Using digital tools to build local activism
In the previous post, I shared examples of how social media has been used to garner support for national and international campaigns. In this post we feature examples of social media being used to bring people together to campaign or challenge local issues.
Local digital activism can be based on a geographical community or around a shared local interest, or both. There is an abundance of hyper-local websites out there. Some act as online directories and forums for local discussions, others as a place to discuss whatever local issues matter to the members. Some examples include:
- Harringay Online, which has 2,200 members and has been running since the end of July 2007. It acts as a forum for people in the neighbourhood “to get to know each other better and collaborate on anything – local sports teams, pressure groups, social groups – you name it”;
- Peterborough’s Polish language site, which acts as a go-to place for Polish people living in Peterborough;
- Fairstead.org, which aims to get local people talking on issues that matter to them, with local Councillors feeding into discussions where they can help; and
- East Dulwich Forum, which was launched in 2006 by a local council officer who built the site in his spare time. In July 2010 it had almost 2 million hits, had over 15,000 members and received around 500 posts per day. Mark Collins, the site’s creator, explained that it works because it’s fun, useful and allows users to decide on the content.
Other community websites have been developed to bring local people together to lobby decision makers on very specific issues.
The Elephant Amenity Network, a hyper-local network of people and businesses, was formed in March 2009 in response to the new regeneration plans of Southwark Council. The Network launched a local Charter and a coalition of local groups and businesses in the Elephant and Castle area of London to campaign to preserve local shops, social housing and open space. A dedicated website provides news and updates on the campaign, the regeneration plans, meeting dates, information leaflets and the Charter.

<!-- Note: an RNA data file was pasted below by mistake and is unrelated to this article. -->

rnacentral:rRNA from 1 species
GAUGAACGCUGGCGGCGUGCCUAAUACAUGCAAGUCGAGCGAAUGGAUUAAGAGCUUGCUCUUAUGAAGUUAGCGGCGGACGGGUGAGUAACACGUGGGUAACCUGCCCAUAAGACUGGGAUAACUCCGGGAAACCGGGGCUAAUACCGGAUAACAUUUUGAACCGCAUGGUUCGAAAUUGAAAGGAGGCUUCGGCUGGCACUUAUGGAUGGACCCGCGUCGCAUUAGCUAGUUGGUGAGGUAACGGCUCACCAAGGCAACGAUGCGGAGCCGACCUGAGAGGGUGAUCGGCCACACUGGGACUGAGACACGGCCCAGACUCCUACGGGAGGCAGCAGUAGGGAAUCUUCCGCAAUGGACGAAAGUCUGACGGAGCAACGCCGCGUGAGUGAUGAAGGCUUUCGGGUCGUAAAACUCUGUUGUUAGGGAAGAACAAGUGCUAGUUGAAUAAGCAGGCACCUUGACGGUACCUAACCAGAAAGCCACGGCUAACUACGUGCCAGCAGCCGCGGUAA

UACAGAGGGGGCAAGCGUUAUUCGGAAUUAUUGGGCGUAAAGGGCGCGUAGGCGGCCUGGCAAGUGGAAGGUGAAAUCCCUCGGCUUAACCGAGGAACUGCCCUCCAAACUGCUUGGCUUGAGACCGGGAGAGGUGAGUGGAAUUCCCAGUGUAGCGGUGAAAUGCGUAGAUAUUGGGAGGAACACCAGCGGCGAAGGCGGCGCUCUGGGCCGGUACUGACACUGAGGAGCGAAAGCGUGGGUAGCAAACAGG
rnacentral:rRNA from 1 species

In an aim to save local green space and the urban forest that has grown in a local estate, the Network recruited a technology expert to help them map the trees of the estate. Online maps and tools were used to create the Heygate Forest Map which provides information on the circumference, genus and species of every tree on the estate. This allowed others to use Capital Asset Value for Amenity Trees (CAVAT) to value the trees at approximately £11.7m.
Unlike the Elephant Amenity Network which focuses on a neighbourhood, a campaign established in Preston spans the whole city, calling on Prestonians to join in a campaign against the demolition of Preston Bus Station.
A campaign has been launched on Louder, an e-campaigning website, which asks people to sign the petition to refurbish and redevelop the current bus station rather than demolish it. A dedicated website was launched in January 2011 to highlight the plight of Preston bus station, and includes articles, blog posts, photographs, art inspired by the bus station, architecture competitions and links to the related Facebook group to help fight the cause.
Along with the national and international examples from the previous post, examples such as those above show how important it is to use a variety of online tools. Successful campaigns tend not to be carried out using just one method, or purely online, but rather by making use of mobile technology, the internet and physical action.
Through the Building Local Activism programme, funded through the Big Lottery Fund’s People Powered Change initiative, we will be working with six communities across England to help them map who lives locally, identify local issues, and use digital technology to build community activism.
For more information, visit: http://www.youngfoundation.org/our-work/web/building-local-activism/building-local-activism